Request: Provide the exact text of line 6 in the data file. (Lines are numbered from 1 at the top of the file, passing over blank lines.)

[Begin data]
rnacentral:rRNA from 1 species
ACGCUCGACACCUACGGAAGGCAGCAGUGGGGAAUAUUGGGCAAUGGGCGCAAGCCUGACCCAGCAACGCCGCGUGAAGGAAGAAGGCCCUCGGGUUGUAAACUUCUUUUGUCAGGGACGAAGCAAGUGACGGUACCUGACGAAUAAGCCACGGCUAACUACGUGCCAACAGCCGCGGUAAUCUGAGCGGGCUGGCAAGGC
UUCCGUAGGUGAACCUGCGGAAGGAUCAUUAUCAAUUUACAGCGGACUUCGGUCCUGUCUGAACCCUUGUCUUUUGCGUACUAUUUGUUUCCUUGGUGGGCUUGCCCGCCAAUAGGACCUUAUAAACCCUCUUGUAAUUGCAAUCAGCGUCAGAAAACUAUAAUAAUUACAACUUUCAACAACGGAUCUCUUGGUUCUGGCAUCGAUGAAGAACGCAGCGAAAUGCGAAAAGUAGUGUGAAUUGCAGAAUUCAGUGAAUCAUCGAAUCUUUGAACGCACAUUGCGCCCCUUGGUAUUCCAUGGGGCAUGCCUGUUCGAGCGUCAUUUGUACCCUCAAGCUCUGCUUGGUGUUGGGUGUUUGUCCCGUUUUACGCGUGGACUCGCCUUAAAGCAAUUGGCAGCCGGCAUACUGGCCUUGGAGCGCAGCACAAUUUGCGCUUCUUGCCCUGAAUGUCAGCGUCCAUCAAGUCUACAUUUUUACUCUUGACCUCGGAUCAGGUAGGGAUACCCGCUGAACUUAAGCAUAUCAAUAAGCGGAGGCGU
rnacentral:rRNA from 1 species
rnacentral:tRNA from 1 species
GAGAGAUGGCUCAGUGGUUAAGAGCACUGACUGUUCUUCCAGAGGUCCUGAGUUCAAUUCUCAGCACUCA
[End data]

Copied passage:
GAGAGAUGGCUCAGUGGUUAAGAGCACUGACUGUUCUUCCAGAGGUCCUGAGUUCAAUUCUCAGCACUCA